Making the Most of Outdoor Time

It’s time for your class to travel outside. Depending on your program requirements this can be 30 minutes to 60 minutes or more. So now what? You can maximize outdoor play by moving learning centers outdoors, opening new possibilities for stimulating children’s creativity, self-discovery, and imagination. Providing the same engagement outside as inside allows your children to integrate loud and active activities outside. Creating a routine outside allows you to expand and extend what is happening in the classroom. Here are some ways of making the most of outdoor time.

READ: Creating Amazing Outdoor Play Areas

Creating Outdoor Centers

When it comes to outdoor fun, we can bring the same structure of the classroom outside. This can be science, dramatic play, sensory, art, and block play. Expanding your outside play opportunities allows for limitless imagination. When thinking about outdoor play, establishing outdoor centers allows your outdoor learning to expand. You can use nature in your outdoor centers such as leaves, sticks, rocks, mud, sand, and water. These all provide opportunities for children to explore their environment through natural items. Adding in exploration tools such as magnifying glasses, binoculars, jars, tweezers, and rulers helps children connect learning to nature and build. Using block play outdoors allows children to build with the sky as their limit. Taller structures build expansion of thoughts and broaden imagination. Use your own imagination to expand children’s learning from the classroom to outdoor play.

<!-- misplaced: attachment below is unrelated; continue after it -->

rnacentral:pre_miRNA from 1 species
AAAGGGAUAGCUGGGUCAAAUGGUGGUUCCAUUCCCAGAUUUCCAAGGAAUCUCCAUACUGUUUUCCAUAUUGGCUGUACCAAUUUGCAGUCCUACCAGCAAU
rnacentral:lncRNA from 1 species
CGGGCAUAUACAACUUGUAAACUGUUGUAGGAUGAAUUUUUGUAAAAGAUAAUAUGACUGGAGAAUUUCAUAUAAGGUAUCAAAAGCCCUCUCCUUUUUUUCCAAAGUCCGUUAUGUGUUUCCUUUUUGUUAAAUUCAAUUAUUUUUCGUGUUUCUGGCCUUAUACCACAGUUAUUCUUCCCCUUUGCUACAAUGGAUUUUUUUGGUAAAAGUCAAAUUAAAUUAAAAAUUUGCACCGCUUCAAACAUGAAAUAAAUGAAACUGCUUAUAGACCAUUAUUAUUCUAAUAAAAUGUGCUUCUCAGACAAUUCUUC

READ: Loud & Active Centers

Planning Outdoor Routines

Now that we have expanded our thoughts about our outdoor learning, it’s time to plan for our routines. Think about how you could do indoor activities outdoors. Just like the classroom, you can begin your outdoor play with a meeting time. Children can sit on the ground, on a piece of carpet, or even an outdoor seat like a small log. During this time, children can plan their own outdoor play. Using popsicle sticks as outdoor center markers allows children to choose which outdoor center, they are interested in. Establishing how many children are allowed in each outdoor play area allows you to create an outdoor learning environment with an established routine. Once a routine is set, children will self-regulate the outdoor play area. 

Read: Continuing Themes and Curriculum Outside

Kathy Banks

Kathy Banks, Educator Support Specialist for Experience Early Learning, has 35 years of early childhood education experience. She has held various positions, including teacher, director, multi-site director, Head Start director, CCR&R, and QRIS Director. She currently adjuncts at several colleges and universities and continues to support and inspire educators through training and practical strategies. Kathy is working on her dissertation to complete her Ed.D. in Early Childhood Education. Kathy is also a nationally certified Family and Consumer Science Developmental Educator. Her experience and education make her a scholarly expert in child development and the realities and challenges of teaching and directing every day. 


Byrons, A. (2021). Outside time and beyond: How to include outdoor learning and play in your daily classroom or family child care routine. Early Childhood Learning and Knowledge Center. 

Krull, S. (2018). Outdoor classroom learning centers- The sky’s the limit! Sharin with Sharon.